Journalism's Future ... Now

The Mānoa Mirror

Journalism's Future ... Now

The Mānoa Mirror

Journalism's Future ... Now

The Mānoa Mirror

International journalists explore artificial intelligence’s role in news media

Day 1 of the EWC IMC kicked off with a panel about AI in the newsroom.

The East-West Center (EWC) kicked off this year’s International Media Conference at the Philippine International Convention Center in Manila, with sessions themed “Journalism in the Generative Age.”

Day 1 featured a two-hour discussion exploring how journalists are navigating the growth of artificial intelligence in their field.

Traditional news media face a pivotal moment: embrace the technology-driven era and uphold the legacy of traditional journalism, while grappling with ethical challenges.

The conference convened influential journalists from around the globe to discuss the integration of AI in newsrooms. Among them were Khalil Cassimally, Head of Audience Insights at The Conversation (Melbourne, Australia); Don Kevin Hapal, Head of Data and Innovation at Rappler (Pasig, Philippines); Irene Jay Liu, Regional Director for Asia & the Pacific at the International Fund for Public Interest Media (Singapore); and Jaemark Tordecilla, 2024 Norman Fellow for Journalism and Former Editor-in-Chief of GMA News Online (Manila, Philippines). Moderating the discussion was Dilrukshi Handunnetti, Co-founder & Director, Center for Investigative Reporting (Colombo, Sri Lanka).

The discussion touched on various topics, including the positive impacts of AI from generating story ideas to enhancing journalists’ training within different sectors like data journalism.

“For example, here in the Philippines, there’s a strong emphasis in journalism education on perfecting copy. However, with AI tools, this focus is less of a priority.” Cassimally said.

Severino, who has been integrating AI to attract a younger audience, says the main issues youth face with newsrooms is that the information often feels too distant from their lives and that AI can provide a better connection.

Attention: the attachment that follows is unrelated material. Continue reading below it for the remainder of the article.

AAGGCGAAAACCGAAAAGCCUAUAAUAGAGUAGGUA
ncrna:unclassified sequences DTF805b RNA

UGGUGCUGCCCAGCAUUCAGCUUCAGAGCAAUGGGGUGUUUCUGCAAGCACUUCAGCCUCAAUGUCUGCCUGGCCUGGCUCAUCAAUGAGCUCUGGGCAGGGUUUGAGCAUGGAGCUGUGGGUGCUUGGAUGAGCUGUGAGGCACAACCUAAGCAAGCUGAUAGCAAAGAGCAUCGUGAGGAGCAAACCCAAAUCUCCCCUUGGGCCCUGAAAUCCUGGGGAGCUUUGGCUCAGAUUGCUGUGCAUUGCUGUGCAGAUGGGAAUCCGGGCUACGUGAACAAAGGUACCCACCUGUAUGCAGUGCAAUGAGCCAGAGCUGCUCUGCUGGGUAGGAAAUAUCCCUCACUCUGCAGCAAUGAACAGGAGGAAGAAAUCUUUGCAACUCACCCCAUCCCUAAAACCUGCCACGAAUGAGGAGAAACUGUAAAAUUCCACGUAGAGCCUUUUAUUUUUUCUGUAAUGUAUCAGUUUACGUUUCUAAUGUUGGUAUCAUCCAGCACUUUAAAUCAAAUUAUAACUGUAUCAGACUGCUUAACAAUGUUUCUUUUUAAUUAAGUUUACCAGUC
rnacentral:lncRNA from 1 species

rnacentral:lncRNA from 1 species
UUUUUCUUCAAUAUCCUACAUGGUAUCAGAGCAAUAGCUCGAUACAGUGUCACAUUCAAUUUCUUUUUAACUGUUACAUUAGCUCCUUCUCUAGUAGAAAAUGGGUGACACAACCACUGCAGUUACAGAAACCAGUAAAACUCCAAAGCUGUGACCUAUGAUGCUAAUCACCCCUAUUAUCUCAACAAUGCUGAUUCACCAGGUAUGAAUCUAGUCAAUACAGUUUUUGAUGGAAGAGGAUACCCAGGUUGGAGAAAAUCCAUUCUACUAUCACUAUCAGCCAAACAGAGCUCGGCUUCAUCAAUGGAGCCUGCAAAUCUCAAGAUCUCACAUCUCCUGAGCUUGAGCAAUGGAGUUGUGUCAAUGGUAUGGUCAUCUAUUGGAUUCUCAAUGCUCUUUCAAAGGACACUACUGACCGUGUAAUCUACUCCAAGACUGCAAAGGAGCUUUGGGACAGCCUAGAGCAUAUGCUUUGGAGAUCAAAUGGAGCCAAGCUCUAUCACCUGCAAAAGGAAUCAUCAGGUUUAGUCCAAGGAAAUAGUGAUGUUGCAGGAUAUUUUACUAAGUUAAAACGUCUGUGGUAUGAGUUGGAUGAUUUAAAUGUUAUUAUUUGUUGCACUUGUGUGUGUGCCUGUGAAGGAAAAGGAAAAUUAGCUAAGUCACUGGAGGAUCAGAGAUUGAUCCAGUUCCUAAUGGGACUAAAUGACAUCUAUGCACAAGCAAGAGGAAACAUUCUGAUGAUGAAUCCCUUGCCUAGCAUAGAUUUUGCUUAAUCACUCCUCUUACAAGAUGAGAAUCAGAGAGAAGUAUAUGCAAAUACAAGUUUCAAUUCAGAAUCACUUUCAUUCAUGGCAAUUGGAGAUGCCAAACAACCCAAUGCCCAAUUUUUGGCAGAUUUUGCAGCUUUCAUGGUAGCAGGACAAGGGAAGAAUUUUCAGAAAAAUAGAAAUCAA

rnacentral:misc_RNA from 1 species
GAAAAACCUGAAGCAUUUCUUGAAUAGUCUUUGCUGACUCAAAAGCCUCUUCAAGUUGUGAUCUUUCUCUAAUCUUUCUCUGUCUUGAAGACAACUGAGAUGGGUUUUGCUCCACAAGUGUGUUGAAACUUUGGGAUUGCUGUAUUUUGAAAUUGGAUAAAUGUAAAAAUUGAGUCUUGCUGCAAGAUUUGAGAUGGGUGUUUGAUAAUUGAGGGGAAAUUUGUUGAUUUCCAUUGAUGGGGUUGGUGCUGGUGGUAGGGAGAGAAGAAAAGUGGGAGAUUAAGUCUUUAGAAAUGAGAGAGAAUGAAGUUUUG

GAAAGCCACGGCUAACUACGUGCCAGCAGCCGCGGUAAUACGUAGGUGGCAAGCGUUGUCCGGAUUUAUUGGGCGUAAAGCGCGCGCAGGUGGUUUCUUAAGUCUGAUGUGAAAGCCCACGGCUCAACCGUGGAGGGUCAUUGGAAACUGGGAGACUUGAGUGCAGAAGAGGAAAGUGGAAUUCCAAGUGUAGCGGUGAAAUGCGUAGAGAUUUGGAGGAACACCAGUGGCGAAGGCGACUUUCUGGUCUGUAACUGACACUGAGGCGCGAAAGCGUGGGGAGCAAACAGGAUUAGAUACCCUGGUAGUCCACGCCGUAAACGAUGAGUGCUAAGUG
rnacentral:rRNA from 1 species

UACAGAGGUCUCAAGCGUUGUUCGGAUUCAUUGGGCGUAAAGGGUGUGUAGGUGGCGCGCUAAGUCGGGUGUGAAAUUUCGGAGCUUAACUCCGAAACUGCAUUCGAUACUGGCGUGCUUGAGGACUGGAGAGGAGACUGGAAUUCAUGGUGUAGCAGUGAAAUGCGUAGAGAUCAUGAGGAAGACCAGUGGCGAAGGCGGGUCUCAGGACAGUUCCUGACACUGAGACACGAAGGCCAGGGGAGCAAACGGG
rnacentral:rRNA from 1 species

“We still had the 800 word articles and people were reading them, but for the younger audience we provided them with the same information but in different formats such as bullet points and audio. AI really helped to put those ideas out in a fast manner,” Severino said.

Panelists also addressed how AI can help alleviate staffing shortages and discussed the responsibility of tech companies and platforms in managing disinformation. Concerns were raised about the potential harm that AI controlled by western corporations could cause to indigenous or smaller communities.

“I find intriguing about generative AI is its reliance on language and culture,” Liu said. “If most engineers are based in the west and data used for these technologies are primarily in English or a few major languages, it may not be culturally relevant.”

The panel concluded with a Q&A session, where attendees debated the merits and concerns surrounding the use of AI in journalism and discussed strategies for navigating AI in their respective countries.

“One thing I would say if we want to ensure that there is an inclusive diverse ecosystem  of information,” Liu said. “ What needs to happen which has not happened in the history of the news industry is there needs to be more collaboration across newsrooms and engaging conversations among journalists regarding the future of AI as it’s not going away anytime soon.”

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Lili Hurd
Lili Hurd, Contributor
Hi, my name is LiLi Hurd, and I am a junior majoring in journalism. I am also a staff writer at Ka Leo, an independent student newspaper, and am interested in news and features along with photos and video editing.

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